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Subject: Is Perikles simply a redraft of Princes of the Renaissance? rss

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tom glass
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Based on the board and components, I can't help but feel Perikles is a rethemed version of PotR.
Influence markers, military counters, political control.
Can anyone provide me with a little deeper insight with regards to how Perikles differs from PotR?

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Anthony Simons
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Royal Wootton Bassett
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Re: Is Perikles simply a redraft of Princes of the Renaissan
Definitely not. Players attempt to gain the leadership in one or more city-states and then control the forces of that city state in one or more battles. The cities are valued at the end according to whether Athens or Sparta wins the war; then players will score according to their levels of influence in each city-state.

Naturally this is a great simplification; but I can assure you the theme, the mechanisms and the overall results are very different to PotR.
 
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Richard Dewsbery
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I've played both. While there are some similarities, it is no more true to say that Perikles is a redrawn version of Princes than it would be true to say that Samurai is a redrawn version of Euphrat & Tigris.

The similarity is that you sort-of buy influence in different cities, which fight; winning a fight brings you victory points, losing a fight costs that city prestige. On different turns you might be in control of different cities; and you retain an interest in seeing cities that you have had control of do well. It also shares similar looking components - Warfrog like producing games with large cardboard counters, dice and some wooden cylinders rather than games with decks of cards. (Perikles would be no better game for having a deck of cards, by the way; it would be completely unweildy unless it used the half-sized cards frm something like Volldampf, for example.)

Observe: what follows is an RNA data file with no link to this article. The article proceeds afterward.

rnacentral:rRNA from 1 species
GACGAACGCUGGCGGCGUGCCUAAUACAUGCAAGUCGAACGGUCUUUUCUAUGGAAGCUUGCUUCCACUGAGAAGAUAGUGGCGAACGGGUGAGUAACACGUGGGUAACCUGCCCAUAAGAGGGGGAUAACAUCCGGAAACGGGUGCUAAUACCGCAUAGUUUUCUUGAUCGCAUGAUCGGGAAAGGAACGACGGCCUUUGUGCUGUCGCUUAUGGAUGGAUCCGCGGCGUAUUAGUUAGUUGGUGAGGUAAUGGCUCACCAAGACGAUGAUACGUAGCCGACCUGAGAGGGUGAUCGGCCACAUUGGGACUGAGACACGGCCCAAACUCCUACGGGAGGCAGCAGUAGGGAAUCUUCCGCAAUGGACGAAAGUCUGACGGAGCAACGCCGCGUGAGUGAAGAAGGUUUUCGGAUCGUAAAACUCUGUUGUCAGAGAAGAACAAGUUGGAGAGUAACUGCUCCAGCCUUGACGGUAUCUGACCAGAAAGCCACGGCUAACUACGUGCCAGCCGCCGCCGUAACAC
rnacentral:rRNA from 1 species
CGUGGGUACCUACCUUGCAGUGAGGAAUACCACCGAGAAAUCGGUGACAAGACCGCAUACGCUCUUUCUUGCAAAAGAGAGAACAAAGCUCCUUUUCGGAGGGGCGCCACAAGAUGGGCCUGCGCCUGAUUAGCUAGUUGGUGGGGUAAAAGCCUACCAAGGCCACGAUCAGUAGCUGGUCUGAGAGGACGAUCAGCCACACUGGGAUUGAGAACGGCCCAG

But the mechanism for controlling cities is COMPLETELY different to anything in Princes; the method for fighting battles is COMPLETELY different to anything in Princes. Warfrog have used similar terms (influence, battles etc) but they are handled in very different ways and to very different ends. There are no auctions in Perikles, no money, and players have no armies; instead there is a sort of "area majority control" mechanism (which is very neat, BTW) for control of the cities, and control of a city brings with it control of an army for that turn only.

No-one who owns Princes will feel short-changed by Perikles; and no-one should be put off buying Perikles by their reaction to Princes (nor should they see liking Princes as some sort of "must buy" endorsement for buying Perikles). It's not "Princes v2.0". Nor is it "Struggle of Princes of Byzantium". But it *is* a Warfrog game, and clearly shares a similar sort of feel to most of the other Warfrog games - because Martin designs a particular type of game very well.

By the way, from what I've seen of it so far, Perikles is a better game than Princes of the Renaissance. Though I've not played enough to form a proper opinion yet. Ask me again next week
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tom glass
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Thanks for the thorough responses.
Now, just to wipe up pool of drool.
 
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Morgan Dontanville
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Re: Is Perikles simply a redraft of Princes of the Renaissan
not much the same at all.
 
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Charles F.
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Re: Is Perikles simply a redraft of Princes of the Renaissan
While there are a number of similarities as outlined above, both games are entirely distinct gaming experiences. I very much enjoy both.
 
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